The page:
Predictors of retained hemothorax in trauma: Results of an Eastern Association for the Surgery of Trauma multi-institutional trial

Priya S. Prakash*, Sarah A. Moore, Joao B. Rezende-Neto, Sandy Trpcic, Julie A. Dunn, Brittany Smoot, Donald H. Jenkins, Tatiana Cardenas, Kaushik Mukherjee, Joshua Farnsworth, Jeffrey Wild, Katelyn Young, Thomas J. Schroeppel, Raul Coimbra, Jeanne Lee, David J. Skarupa, Michel J. Sabra, Matthew M. Carrick, Forrest O. Moore, Jeanette WardThomas Geng, David Lapham, Alice Piccinini, Kenji Inaba, Christopher Dodgion, Brian Gooley, Tim Schwartz, Sarrina Shraga, James M. Haan, Kelly Lightwine, Jennifer Burris, Vaidehi Agrawal, Mark J. Seamon, Jeremy W. Cannon

*Corresponding author for this work

Research output: Contribution to journalArticlepeer-review

23 Scopus citations

Abstract

BACKGROUND The natural history of traumatic hemothorax (HTX) remains unclear. We aimed to describe outcomes of HTX following tube thoracostomy drainage and to delineate factors that predict progression to a retained hemothorax (RH). We hypothesized that initial large-volume HTX predicts the development of an RH. METHODS We conducted a prospective, observational, multi-institutional study of adult trauma patients diagnosed with an HTX identified on computed tomography (CT) scan with volumes calculated at time of diagnosis. All patients were managed with tube thoracostomy drainage within 24 hours of presentation. Retained hemothorax was defined as blood-density fluid identified on follow-up CT scan or need for additional intervention after initial tube thoracostomy placement for HTX. RESULTS A total of 369 patients who presented with an HTX initially managed with tube thoracostomy drainage were enrolled from 17 trauma centers. Retained hemothorax was identified in 106 patients (28.7%). Patients with RH had a larger median (interquartile range) HTX volume on initial CT compared with no RH (191 [48-431] mL vs. 88 [35-245] mL, p = 0.013) and were more likely to be older with a higher burden of thoracic injury. After controlling for significant differences between groups, RH was independently associated with a larger HTX on presentation, with a 15% increase in risk of RH for each additional 100 mL of HTX on initial CT imaging (odds ratio, 1.15; 95% confidence interval, 1.08-1.21; p < 0.001). Patients with an RH also had higher rates of pneumonia and longer hospital length of stay than those with successful initial management. Retained hemothorax was also associated with worse functional outcomes at discharge and first outpatient follow-up. CONCLUSION Larger initial HTX volumes are independently associated with RH, and unsuccessful initial management with tube thoracostomy is associated with worse patient outcomes. Future studies should use this experience to assess a range of options for reducing the risk of unsuccessful initial management. LEVEL OF EVIDENCE Therapeutic/care management study, level III.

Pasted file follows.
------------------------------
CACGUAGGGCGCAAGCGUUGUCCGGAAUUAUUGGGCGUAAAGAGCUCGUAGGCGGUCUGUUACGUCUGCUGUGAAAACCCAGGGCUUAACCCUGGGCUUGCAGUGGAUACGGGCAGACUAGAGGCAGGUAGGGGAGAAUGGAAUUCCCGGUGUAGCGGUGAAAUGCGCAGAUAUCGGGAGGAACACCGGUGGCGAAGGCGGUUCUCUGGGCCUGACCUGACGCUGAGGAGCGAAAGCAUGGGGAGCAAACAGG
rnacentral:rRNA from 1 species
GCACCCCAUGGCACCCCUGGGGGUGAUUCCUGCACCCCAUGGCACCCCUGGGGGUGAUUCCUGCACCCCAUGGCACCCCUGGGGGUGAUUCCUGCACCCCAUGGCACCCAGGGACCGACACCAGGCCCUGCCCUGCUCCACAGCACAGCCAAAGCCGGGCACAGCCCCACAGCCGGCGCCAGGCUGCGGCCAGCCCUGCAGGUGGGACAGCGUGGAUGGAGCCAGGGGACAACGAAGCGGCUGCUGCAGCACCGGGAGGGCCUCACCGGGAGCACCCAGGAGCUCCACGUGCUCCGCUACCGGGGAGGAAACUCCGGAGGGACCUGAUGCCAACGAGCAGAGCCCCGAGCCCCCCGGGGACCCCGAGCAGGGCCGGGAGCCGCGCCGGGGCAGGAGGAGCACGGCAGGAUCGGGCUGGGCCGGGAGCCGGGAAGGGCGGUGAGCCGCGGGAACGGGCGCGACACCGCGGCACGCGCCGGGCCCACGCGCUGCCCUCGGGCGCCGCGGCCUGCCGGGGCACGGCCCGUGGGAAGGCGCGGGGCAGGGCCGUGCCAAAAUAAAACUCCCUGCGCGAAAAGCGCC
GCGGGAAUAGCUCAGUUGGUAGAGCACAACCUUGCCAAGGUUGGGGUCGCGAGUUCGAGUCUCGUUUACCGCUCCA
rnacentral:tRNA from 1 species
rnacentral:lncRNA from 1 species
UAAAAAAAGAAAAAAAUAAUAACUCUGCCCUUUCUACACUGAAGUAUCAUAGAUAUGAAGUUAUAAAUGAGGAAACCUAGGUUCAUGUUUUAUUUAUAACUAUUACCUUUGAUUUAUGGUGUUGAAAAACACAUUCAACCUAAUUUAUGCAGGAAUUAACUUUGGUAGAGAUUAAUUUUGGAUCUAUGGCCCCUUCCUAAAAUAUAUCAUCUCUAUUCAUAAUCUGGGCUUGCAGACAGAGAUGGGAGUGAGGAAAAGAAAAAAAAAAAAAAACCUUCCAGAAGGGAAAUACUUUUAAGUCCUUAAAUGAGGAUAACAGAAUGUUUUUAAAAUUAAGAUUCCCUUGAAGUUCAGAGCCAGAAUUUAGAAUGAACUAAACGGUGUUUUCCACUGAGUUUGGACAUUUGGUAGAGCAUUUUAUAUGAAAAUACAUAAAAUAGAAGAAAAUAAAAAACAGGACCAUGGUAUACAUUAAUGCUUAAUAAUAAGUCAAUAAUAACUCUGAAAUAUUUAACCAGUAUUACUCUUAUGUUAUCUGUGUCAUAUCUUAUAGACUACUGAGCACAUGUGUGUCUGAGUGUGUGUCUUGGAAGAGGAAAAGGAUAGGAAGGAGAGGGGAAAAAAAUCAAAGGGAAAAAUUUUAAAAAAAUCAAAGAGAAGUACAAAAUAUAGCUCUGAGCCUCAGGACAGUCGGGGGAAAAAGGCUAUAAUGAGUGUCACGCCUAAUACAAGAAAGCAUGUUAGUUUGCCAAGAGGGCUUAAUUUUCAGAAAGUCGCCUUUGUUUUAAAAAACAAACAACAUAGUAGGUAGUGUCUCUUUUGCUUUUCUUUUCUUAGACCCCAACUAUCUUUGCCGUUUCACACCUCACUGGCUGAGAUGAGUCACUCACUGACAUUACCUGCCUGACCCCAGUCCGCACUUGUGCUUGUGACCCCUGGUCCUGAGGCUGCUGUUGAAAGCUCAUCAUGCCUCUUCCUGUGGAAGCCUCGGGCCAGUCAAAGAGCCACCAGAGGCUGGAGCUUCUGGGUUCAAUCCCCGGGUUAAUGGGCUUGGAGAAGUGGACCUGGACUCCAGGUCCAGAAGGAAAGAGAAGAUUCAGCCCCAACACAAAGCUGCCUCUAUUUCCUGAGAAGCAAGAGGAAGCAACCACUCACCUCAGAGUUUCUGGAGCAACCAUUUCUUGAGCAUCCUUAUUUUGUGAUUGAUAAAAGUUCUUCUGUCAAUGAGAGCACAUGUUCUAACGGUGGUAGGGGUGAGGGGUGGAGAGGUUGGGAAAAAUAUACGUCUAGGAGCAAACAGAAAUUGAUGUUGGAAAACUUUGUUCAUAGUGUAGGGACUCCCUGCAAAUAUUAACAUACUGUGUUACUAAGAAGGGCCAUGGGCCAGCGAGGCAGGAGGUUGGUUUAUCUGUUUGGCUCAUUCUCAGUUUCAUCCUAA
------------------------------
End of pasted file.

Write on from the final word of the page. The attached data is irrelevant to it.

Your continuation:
Original languageEnglish
Pages (from-to)679-685
Number of pages7
JournalJournal of Trauma and Acute Care Surgery
Volume89
Issue number4
DOIs
StatePublished - 1 Oct 2020
Externally publishedYes

Keywords

  • Hemothorax
  • empyema
  • trauma
  • tube thoracostomy

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